By Jorge L. Ortiz, USA TODAY
Ozzie Guillen became known as perhaps baseball's most outspoken figure during eight years of making often-outrageous statements as manager of the Chicago White Sox, once getting fined for uttering a homophobic slur.
None of those comments, however, evoked either the firestorm of reaction or the contrition on his part over Guillen's latest controversial remarks.
Guillen, the new manager of the renamed Miami Marlins, is returning to Miami to hold a 10:30 a.m. news conference Tuesday at Marlins Park, with the intent of apologizing in person and answering questions about his expressed admiration for Cuban dictator Fidel Castro. The club has the day off in the midst of a three-game series in Philadelphia against the Phillies.
"I want the people there," Guillen told news reporters before Monday's 6-2 victory against the Phillies. "I feel very guilty, sad and embarrassed. Anyone who wants to be there, feel free. I want the Cuban people to understand what I'm going to say, because everything I'm going to say is true."
In an area that's home to close to a million Cuban Americans, where tales of Castro's ruthless treatment of his own countrymen and the suffering he has engendered are daily fodder in coffee shops and gathering places, Guillen's remarks created a predictable outcry - at a time when the Marlins were counting on Guillen to bring a buzz and identity to their previously moribund brand.
"It's like going to New York's Jewish district and saying, 'Hitler wasn't so bad. He managed to stay in power for a few years,'" said veteran Spanish-language baseball announcer Amaury Pi-Gonzalez, who fled Cuba at age 17 and lived in Miami for five years.
"Even a 9-year-old knows better than to say that in Miami. But I don't think he's really a fan of Castro or meant any harm. It's just that he talks so much that sometimes he says things without thinking about them."
Usually defiant in the face of criticism, Guillen has instead sounded remorseful and said he's had difficulty sleeping since a Time magazine online story that ran Friday quoted him as saying, "I love Fidel Castro."
Later in the story he added, "I respect Fidel Castro. You know why? A lot of people have wanted to kill Fidel Castro for the last 60 years, but that (expletive) is still here."
Venezuelan-born Guillen, who has lived in the Miami area for the last 12 years, apologized for the comments and tried to clarify them in a pregame gathering with news reporters on Saturday. The heat did not abate, though, and now Guillen is facing calls for his resignation and possible disciplinary action.
Spokesman Pat Courtney said via e-mail that Major League Baseball is "reviewing" the option of disciplining Guillen.
Local politicians have joined in the echo of condemnation for Guillen's comments, with Miami-Dade Mayor Carlos Gimenez exhorting the team to "take decisive steps to bring this community back together."
Joe Martinez, head of the Miami-Dade Board of County Commissioners, went a step further, releasing a statement addressed to Marlins owner Jeffrey Loria in which he calls for Guillen's resignation.
The Miami airwaves, especially Spanish-speaking stations, have been buzzing with anti-Guillen chatter. The exile group Vigilia Mambisa is planning a boycott Tuesday outside the Marlins stadium and is also demanding his ouster.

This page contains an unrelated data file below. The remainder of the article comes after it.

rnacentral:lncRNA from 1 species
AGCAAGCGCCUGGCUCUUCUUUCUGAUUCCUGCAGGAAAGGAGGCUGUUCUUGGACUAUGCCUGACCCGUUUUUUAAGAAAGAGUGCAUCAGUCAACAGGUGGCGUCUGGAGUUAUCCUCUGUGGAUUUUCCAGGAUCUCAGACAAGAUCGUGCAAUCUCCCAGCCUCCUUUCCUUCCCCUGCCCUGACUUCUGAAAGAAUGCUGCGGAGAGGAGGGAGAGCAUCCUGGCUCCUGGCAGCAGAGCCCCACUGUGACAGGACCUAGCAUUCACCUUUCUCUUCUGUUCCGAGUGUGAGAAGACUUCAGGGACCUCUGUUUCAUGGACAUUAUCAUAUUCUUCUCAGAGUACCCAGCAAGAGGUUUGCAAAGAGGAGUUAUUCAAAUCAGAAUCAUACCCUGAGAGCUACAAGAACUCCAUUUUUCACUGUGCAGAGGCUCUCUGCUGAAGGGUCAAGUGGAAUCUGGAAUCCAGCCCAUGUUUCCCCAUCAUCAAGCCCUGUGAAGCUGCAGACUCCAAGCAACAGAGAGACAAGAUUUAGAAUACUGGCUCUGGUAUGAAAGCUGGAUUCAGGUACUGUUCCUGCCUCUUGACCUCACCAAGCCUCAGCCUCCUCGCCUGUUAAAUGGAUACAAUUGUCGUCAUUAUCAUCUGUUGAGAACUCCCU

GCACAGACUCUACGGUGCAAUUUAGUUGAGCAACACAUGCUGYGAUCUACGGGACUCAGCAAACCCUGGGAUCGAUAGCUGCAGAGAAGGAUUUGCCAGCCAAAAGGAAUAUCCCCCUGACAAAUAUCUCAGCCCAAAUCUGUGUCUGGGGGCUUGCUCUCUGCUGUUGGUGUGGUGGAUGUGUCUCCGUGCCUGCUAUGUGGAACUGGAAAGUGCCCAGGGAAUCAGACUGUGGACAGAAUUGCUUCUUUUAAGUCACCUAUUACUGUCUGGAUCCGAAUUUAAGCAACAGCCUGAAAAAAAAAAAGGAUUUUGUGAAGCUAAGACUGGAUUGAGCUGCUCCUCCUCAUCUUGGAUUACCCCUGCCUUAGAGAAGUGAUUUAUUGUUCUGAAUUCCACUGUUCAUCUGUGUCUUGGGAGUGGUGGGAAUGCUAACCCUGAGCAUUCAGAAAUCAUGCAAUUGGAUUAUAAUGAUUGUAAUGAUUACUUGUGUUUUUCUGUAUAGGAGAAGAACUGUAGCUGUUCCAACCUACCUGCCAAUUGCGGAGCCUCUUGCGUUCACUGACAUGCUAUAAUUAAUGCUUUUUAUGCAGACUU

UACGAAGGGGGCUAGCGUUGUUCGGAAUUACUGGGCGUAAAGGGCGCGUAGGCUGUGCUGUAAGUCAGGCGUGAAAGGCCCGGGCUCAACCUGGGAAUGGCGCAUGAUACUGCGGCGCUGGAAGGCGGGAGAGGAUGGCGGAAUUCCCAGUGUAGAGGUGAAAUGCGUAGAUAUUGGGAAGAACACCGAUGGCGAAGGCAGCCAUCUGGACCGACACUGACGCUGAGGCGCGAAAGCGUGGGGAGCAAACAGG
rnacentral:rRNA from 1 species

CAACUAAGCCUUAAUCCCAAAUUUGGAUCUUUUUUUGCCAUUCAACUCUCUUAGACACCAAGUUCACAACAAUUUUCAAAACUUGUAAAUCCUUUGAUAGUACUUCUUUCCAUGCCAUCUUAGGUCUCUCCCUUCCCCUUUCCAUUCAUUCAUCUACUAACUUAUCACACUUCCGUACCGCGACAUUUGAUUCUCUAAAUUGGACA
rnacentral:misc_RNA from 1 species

'The last thing Miami needed'
Even with his reputation as a loose cannon, this is hardly what the Marlins envisioned when they hired Guillen in the offseason, signing him to a four-year, $10 million contract to be the voice of a franchise that last week inaugurated a $515 million ballpark in Little Havana.
Long one of baseball's most penurious and worst-drawing teams - they finished 29th out of 30 teams in total attendance last season - the Marlins invested $191 million on free agents Jose Reyes, Mark Buehrle and Heath Bell in the offseason, hoping to energize a fan base that is heavily Latino.
Guillen was front and center during the winter months, beating the drum for his new club, which has the makings of a contender after finishing last in the National League East in 2011.
But instead of the new ballpark's modernistic features or right fielder Giancarlo Stanton's prodigious power, the talk surrounding the Marlins these days focuses mostly on Guillen's colossal gaffe.
"This is the last thing Miami needed," Pi-Gonzalez said. "They couldn't draw any fans last year. But that's Ozzie."
Guillen, 48, told reporters he has not spoken with Loria about the Time article, although he has been in communication with team president David Samson.
'I know I hurt a lot of people'
The Marlins attempted to distance themselves from Guillen's remarks right away, releasing a statement on Friday that said: "There is nothing to respect about Fidel Castro. He is a brutal dictator who has caused unthinkable pain for more than 50 years. We live in a community filled with victims of this dictatorship, and the people in Cuba continue to suffer today."
They have not publicly addressed the possibility of sanctioning him.
Guillen's response to the crisis has been markedly different from six years ago, when he was ordered to undergo sensitivity training for using a derogatory term for gays in referring to then-Chicago Sun-Times columnist Jay Mariotti.
At the time, he questioned the value of the training and, although he apologized to gays for using the slur, refused to apologize to Mariotti.
This time, Guillen has sought forgiveness from some of the Marlins employees with Cuban roots and also spoke with Phillies pitcher Jose Contreras, a native of Cuba.
"I feel sad because I know I hurt a lot of people," Guillen said. "I'm Latino. I live in Miami. I have a lot of (Cuban) friends and players. They know who I am. They know how I feel."
He plans to reiterate those feelings today.